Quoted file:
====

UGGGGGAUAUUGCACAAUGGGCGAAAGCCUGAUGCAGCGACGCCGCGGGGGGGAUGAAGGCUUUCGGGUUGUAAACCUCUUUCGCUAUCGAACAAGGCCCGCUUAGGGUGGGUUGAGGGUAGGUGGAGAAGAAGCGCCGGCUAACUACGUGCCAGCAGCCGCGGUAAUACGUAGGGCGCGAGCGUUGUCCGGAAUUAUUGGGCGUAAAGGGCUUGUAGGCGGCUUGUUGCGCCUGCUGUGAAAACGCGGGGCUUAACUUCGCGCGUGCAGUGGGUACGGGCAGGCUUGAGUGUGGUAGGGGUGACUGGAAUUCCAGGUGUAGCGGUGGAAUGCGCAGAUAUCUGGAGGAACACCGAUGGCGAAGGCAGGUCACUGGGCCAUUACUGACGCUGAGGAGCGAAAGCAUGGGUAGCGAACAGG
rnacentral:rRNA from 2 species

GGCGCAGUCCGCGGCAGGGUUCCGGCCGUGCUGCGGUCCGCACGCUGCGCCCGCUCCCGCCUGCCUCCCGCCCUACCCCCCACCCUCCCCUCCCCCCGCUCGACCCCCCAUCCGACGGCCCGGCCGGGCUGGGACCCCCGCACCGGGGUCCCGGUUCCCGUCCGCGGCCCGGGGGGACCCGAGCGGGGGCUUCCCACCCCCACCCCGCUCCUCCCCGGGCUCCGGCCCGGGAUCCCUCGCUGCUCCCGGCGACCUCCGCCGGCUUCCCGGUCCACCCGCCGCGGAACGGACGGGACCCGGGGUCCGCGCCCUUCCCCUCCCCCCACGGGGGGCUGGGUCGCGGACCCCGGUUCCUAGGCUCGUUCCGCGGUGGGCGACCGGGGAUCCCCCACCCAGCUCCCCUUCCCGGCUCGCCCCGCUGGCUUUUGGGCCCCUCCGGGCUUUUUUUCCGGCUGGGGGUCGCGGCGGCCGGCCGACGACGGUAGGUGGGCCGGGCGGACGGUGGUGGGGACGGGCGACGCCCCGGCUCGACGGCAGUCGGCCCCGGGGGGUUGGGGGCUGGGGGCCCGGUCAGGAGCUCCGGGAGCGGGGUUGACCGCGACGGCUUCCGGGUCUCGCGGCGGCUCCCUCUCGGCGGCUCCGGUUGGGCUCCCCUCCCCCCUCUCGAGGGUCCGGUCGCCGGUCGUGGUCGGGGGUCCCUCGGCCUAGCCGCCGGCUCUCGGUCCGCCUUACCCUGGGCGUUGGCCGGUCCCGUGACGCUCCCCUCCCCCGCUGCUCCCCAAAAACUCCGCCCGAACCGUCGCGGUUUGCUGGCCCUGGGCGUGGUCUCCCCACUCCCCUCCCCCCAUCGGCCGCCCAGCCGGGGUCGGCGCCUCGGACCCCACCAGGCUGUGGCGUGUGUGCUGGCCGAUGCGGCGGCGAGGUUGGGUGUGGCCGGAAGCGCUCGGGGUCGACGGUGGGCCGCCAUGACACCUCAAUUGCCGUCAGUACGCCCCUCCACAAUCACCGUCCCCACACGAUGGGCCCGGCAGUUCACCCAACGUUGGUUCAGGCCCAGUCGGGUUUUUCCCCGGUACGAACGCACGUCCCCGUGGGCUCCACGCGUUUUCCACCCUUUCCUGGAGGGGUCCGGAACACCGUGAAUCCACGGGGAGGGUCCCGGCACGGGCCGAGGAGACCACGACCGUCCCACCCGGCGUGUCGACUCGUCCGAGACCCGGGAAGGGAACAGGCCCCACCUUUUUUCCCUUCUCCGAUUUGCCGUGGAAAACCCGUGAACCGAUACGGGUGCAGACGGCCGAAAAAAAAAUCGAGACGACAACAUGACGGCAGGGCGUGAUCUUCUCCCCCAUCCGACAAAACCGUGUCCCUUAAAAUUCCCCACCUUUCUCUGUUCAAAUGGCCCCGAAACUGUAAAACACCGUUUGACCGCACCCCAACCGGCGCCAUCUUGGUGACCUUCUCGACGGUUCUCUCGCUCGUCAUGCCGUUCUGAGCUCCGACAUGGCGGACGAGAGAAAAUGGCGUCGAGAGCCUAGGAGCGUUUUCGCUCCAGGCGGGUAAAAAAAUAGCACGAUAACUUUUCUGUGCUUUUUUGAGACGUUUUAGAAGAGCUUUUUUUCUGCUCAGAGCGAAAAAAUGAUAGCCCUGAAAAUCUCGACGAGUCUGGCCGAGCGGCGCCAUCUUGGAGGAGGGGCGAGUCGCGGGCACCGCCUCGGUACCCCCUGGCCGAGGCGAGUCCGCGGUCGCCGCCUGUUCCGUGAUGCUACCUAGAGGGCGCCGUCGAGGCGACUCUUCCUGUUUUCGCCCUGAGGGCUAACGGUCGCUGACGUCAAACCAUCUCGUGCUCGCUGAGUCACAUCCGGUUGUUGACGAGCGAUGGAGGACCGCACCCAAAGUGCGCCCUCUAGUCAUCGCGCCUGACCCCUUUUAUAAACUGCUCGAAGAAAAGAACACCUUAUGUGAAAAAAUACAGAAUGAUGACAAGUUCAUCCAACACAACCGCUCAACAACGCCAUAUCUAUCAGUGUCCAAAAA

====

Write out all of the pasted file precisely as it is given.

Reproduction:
UGGGGGAUAUUGCACAAUGGGCGAAAGCCUGAUGCAGCGACGCCGCGGGGGGGAUGAAGGCUUUCGGGUUGUAAACCUCUUUCGCUAUCGAACAAGGCCCGCUUAGGGUGGGUUGAGGGUAGGUGGAGAAGAAGCGCCGGCUAACUACGUGCCAGCAGCCGCGGUAAUACGUAGGGCGCGAGCGUUGUCCGGAAUUAUUGGGCGUAAAGGGCUUGUAGGCGGCUUGUUGCGCCUGCUGUGAAAACGCGGGGCUUAACUUCGCGCGUGCAGUGGGUACGGGCAGGCUUGAGUGUGGUAGGGGUGACUGGAAUUCCAGGUGUAGCGGUGGAAUGCGCAGAUAUCUGGAGGAACACCGAUGGCGAAGGCAGGUCACUGGGCCAUUACUGACGCUGAGGAGCGAAAGCAUGGGUAGCGAACAGG
rnacentral:rRNA from 2 species

GGCGCAGUCCGCGGCAGGGUUCCGGCCGUGCUGCGGUCCGCACGCUGCGCCCGCUCCCGCCUGCCUCCCGCCCUACCCCCCACCCUCCCCUCCCCCCGCUCGACCCCCCAUCCGACGGCCCGGCCGGGCUGGGACCCCCGCACCGGGGUCCCGGUUCCCGUCCGCGGCCCGGGGGGACCCGAGCGGGGGCUUCCCACCCCCACCCCGCUCCUCCCCGGGCUCCGGCCCGGGAUCCCUCGCUGCUCCCGGCGACCUCCGCCGGCUUCCCGGUCCACCCGCCGCGGAACGGACGGGACCCGGGGUCCGCGCCCUUCCCCUCCCCCCACGGGGGGCUGGGUCGCGGACCCCGGUUCCUAGGCUCGUUCCGCGGUGGGCGACCGGGGAUCCCCCACCCAGCUCCCCUUCCCGGCUCGCCCCGCUGGCUUUUGGGCCCCUCCGGGCUUUUUUUCCGGCUGGGGGUCGCGGCGGCCGGCCGACGACGGUAGGUGGGCCGGGCGGACGGUGGUGGGGACGGGCGACGCCCCGGCUCGACGGCAGUCGGCCCCGGGGGGUUGGGGGCUGGGGGCCCGGUCAGGAGCUCCGGGAGCGGGGUUGACCGCGACGGCUUCCGGGUCUCGCGGCGGCUCCCUCUCGGCGGCUCCGGUUGGGCUCCCCUCCCCCCUCUCGAGGGUCCGGUCGCCGGUCGUGGUCGGGGGUCCCUCGGCCUAGCCGCCGGCUCUCGGUCCGCCUUACCCUGGGCGUUGGCCGGUCCCGUGACGCUCCCCUCCCCCGCUGCUCCCCAAAAACUCCGCCCGAACCGUCGCGGUUUGCUGGCCCUGGGCGUGGUCUCCCCACUCCCCUCCCCCCAUCGGCCGCCCAGCCGGGGUCGGCGCCUCGGACCCCACCAGGCUGUGGCGUGUGUGCUGGCCGAUGCGGCGGCGAGGUUGGGUGUGGCCGGAAGCGCUCGGGGUCGACGGUGGGCCGCCAUGACACCUCAAUUGCCGUCAGUACGCCCCUCCACAAUCACCGUCCCCACACGAUGGGCCCGGCAGUUCACCCAACGUUGGUUCAGGCCCAGUCGGGUUUUUCCCCGGUACGAACGCACGUCCCCGUGGGCUCCACGCGUUUUCCACCCUUUCCUGGAGGGGUCCGGAACACCGUGAAUCCACGGGGAGGGUCCCGGCACGGGCCGAGGAGACCACGACCGUCCCACCCGGCGUGUCGACUCGUCCGAGACCCGGGAAGGGAACAGGCCCCACCUUUUUUCCCUUCUCCGAUUUGCCGUGGAAAACCCGUGAACCGAUACGGGUGCAGACGGCCGAAAAAAAAAUCGAGACGACAACAUGACGGCAGGGCGUGAUCUUCUCCCCCAUCCGACAAAACCGUGUCCCUUAAAAUUCCCCACCUUUCUCUGUUCAAAUGGCCCCGAAACUGUAAAACACCGUUUGACCGCACCCCAACCGGCGCCAUCUUGGUGACCUUCUCGACGGUUCUCUCGCUCGUCAUGCCGUUCUGAGCUCCGACAUGGCGGACGAGAGAAAAUGGCGUCGAGAGCCUAGGAGCGUUUUCGCUCCAGGCGGGUAAAAAAAUAGCACGAUAACUUUUCUGUGCUUUUUUGAGACGUUUUAGAAGAGCUUUUUUUCUGCUCAGAGCGAAAAAAUGAUAGCCCUGAAAAUCUCGACGAGUCUGGCCGAGCGGCGCCAUCUUGGAGGAGGGGCGAGUCGCGGGCACCGCCUCGGUACCCCCUGGCCGAGGCGAGUCCGCGGUCGCCGCCUGUUCCGUGAUGCUACCUAGAGGGCGCCGUCGAGGCGACUCUUCCUGUUUUCGCCCUGAGGGCUAACGGUCGCUGACGUCAAACCAUCUCGUGCUCGCUGAGUCACAUCCGGUUGUUGACGAGCGAUGGAGGACCGCACCCAAAGUGCGCCCUCUAGUCAUCGCGCCUGACCCCUUUUAUAAACUGCUCGAAGAAAAGAACACCUUAUGUGAAAAAAUACAGAAUGAUGACAAGUUCAUCCAACACAACCGCUCAACAACGCCAUAUCUAUCAGUGUCCAAAAA